The royal grammar, commonly called Lilie's grammar, explained [microform] : in those rules of it, which concern the genders, and irregular declinings of nouns; and the preterperfect tenses, and supines of verbs; ordinarily called, propria quæ maribus; quæ genus; and as in præsenti. By way of question and answer, opening the meaning of the rules with great plainness, to the understanding of children of meanest capacity. With choice critical observations on the same, from the best extant authors and grammarians; for the amending of the mistakes, and supplying the defects thereof. By William Walker, B.D. author of the Treatise of the English particles and idioms.

Other records:
Walker, William, 1623-1684.
Standardized Title:
Royal grammar, commonly called Lylly's grammar, explained.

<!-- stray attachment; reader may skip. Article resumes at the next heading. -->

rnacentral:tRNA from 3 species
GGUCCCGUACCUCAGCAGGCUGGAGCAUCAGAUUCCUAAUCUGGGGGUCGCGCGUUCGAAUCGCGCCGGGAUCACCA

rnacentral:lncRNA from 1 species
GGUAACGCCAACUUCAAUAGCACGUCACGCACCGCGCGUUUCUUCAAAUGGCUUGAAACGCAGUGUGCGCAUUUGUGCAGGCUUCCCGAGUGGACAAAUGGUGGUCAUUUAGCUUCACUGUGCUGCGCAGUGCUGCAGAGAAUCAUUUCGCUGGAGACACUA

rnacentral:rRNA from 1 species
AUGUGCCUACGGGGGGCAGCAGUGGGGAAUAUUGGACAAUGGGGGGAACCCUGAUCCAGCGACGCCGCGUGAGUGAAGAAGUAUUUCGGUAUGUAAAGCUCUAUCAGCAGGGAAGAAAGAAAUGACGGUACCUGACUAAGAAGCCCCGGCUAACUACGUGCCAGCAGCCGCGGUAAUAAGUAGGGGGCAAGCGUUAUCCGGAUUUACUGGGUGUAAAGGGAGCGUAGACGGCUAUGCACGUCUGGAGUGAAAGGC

Other Title:
Explanation of Lilie's Grammar.
Explanation of the rules of the grammar.
The third edition, with amendments.
London : printed for Edward Pawlet at the sign of the Bible on Chancery Lane, 1695.
Early English books, 1641-1700 ; 2023:2.
[12], 504 p.
Lily, William, 1468?-1522. Introduction of the eyght partes of speche -- Early works to 1800.
Latin language -- Grammar -- Early works to 1800.
Caption title on p. 1: An explanation of the rules of the grammar; touching the genders of nouns, as they are delivered in propria quæ maribus, &c.
Running title reads: An explanation of Lilie's Grammar.
Imperfect: tightly bound affecting text.
Reproduction of the original in the Library of Congress, Washington, DC.
Microfilm. Ann Arbor, Mich. : UMI, 1990. 1 microfilm reel ; 35 mm. (Early English books, 1641-1700; 2023:02). s1990 miun a
Cited in:
Wing (2nd ed.) W434B.
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